Central Otago fruit growers support their industry’s call for urgent action from Government to address the looming shortage of horticultural workers, says Ettrick Fruit Growers Association Chairman, Peter Vernon. Last week, New Zealand Apples and Pears raised concerns that the $870 million dollar apple industry will be at risk if a seasonal workforce is not assembled.
The New Zealand horticulture sector usually hosts more than 14,000 workers from the Pacific Islands for up to seven months to strengthen the workforce on local orchards and vineyards. The New Zealand Recognised Seasonal Employer (RSE) Scheme was established in 2007 by Helen Clark’s Labour government. The RSE scheme is viewed internationally as a best practise model in social responsibility for labour mobility. The Central Otago region employs up to 5,000 temporary staff at the peak of the season for apple, apricot and cherry work, comprising New Zealand and RSE workers, plus working holiday visa holders. Labour planning shows that even with the numbers of recently unemployed New Zealanders now available, there will simply not be enough suitable people to fill all the seasonal roles needed . .
Rural road users are in for a continued bumpy ride with no extra money for local road improvements in the final Government Policy Statement on Land Transport 2021.
“The final GPS released this week has investment in local road improvements unchanged from the draft at an upper level of $300 million down to as low as $100 million in 2021/22, and steadily declining each year for the decade after,” Federated Farmers transport spokesperson Karen Williams said.
“However, it is pleasing to see increases in local road maintenance and renewal, with a forecast range of $650m-$760m next financial year, and slow but steady increases thereafter.”
Central and local government share the costs of upgrading local roads, which includes most rural roads. With councils under heavy financial pressure, there has been considerable under-investment, Karen said. . .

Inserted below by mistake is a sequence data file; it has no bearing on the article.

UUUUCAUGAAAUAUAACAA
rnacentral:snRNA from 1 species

Family shares the shearing – Yvonne O’Hara:
When Colin “Mouse” O’Neill first considered setting up as a shearing contractor five years ago, he knew it was a big risk, and he had his family’s future at stake.
Mr O’Neill, of Alexandra, has worked in shearing sheds since he was 12 and has been shearing professionally and competitively for 27 years.
His parents, Marie and Terry, worked in the woolsheds and his grandparents were orchardists in Alexandra, where O’Neill Cres is now. . .
Our contact in Northland says it’s unusually dry. Feed is short usually at the end of winter, but it’s come six weeks earlier than normal. It’s affecting the market for cattle as farmers are careful about what they’re buying. Dairy farmers are at the tail end of calving while beef farmers are 50 to 60 percent of the way through.
Around Pukekohe it’s been dry and breezy. The wind made it tricky to spread lime and fertiliser and spray crops. Work activity and crop growth could best be described as “steady”. It’s probably been busier in kiwifruit orchards with their shelter belts receiving an annual trim.
It cooled down a little bit in Waikato this week and grass growth rates have tapered off in response, but farmers have either supplements on hand or a bank of feed still to rely on. With calving ending, they’re catching up on jobs before the start of mating next month. . .
Heading back to the land – Mary-Jo Tohill:
A job loss has brought Mosgiel man Steve Morris back to his agricultural roots, and the 55-year-old is glad of it.
He grew up on a farm on the Otago Peninsula, near Larnach Castle.
“It was a small farm, and you don’t always want to work with your father,” Mr Morris said.
He left school and became a glazier, holding down his first job for 16 years and the second for 18, before making a complete change and driving trucks for three years. . .
Britain needs to grow more trees – are sheep farms the answer? – Connie O’Neill:
Britain’s green fields and “wild” uplands may have become important parts of the national heritage, but they are landscapes wholly created by people. There’s no reason to think of these areas as precious natural resources to be preserved at all costs.
If humans hadn’t chopped down the trees, most of what are now Britain’s sheep farms would still be part of the large forests that once covered the islands. So why can’t some of these areas be turned back into woodland?
Doing so would help fight climate change, as trees absorb carbon from the air and keep it out of the atmosphere. As we found in our new research, there’s even a solid economic case for sheep farmers to instead grow forests and become carbon offsetters.